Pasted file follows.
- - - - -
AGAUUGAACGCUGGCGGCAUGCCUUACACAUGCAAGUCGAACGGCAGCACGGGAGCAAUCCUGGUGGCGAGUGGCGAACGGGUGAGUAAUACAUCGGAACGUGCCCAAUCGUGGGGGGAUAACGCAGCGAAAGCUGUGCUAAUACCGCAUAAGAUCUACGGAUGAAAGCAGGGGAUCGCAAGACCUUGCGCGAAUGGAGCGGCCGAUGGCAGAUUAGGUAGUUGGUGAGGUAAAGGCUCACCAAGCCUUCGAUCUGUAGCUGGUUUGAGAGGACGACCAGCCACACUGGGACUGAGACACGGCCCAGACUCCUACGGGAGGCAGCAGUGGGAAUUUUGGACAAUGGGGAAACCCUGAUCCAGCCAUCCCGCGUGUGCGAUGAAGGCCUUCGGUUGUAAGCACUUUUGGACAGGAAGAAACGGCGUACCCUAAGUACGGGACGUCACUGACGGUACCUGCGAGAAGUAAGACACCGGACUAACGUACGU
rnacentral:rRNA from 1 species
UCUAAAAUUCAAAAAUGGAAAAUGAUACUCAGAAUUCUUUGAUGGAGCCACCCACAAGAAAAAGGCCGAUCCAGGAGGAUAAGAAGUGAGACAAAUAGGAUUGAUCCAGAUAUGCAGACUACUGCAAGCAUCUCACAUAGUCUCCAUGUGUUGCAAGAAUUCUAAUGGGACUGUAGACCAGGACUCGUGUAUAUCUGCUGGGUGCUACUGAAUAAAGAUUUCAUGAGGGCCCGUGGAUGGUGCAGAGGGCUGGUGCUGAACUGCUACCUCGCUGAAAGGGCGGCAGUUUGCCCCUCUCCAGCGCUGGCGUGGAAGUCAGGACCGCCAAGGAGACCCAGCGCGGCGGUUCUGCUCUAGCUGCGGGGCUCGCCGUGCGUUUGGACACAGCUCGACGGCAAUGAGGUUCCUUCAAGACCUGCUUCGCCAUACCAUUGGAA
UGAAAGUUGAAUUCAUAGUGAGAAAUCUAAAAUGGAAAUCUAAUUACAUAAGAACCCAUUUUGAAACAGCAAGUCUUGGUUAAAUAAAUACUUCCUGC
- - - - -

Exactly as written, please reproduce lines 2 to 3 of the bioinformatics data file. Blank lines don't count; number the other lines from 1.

rnacentral:rRNA from 1 species
UCUAAAAUUCAAAAAUGGAAAAUGAUACUCAGAAUUCUUUGAUGGAGCCACCCACAAGAAAAAGGCCGAUCCAGGAGGAUAAGAAGUGAGACAAAUAGGAUUGAUCCAGAUAUGCAGACUACUGCAAGCAUCUCACAUAGUCUCCAUGUGUUGCAAGAAUUCUAAUGGGACUGUAGACCAGGACUCGUGUAUAUCUGCUGGGUGCUACUGAAUAAAGAUUUCAUGAGGGCCCGUGGAUGGUGCAGAGGGCUGGUGCUGAACUGCUACCUCGCUGAAAGGGCGGCAGUUUGCCCCUCUCCAGCGCUGGCGUGGAAGUCAGGACCGCCAAGGAGACCCAGCGCGGCGGUUCUGCUCUAGCUGCGGGGCUCGCCGUGCGUUUGGACACAGCUCGACGGCAAUGAGGUUCCUUCAAGACCUGCUUCGCCAUACCAUUGGAA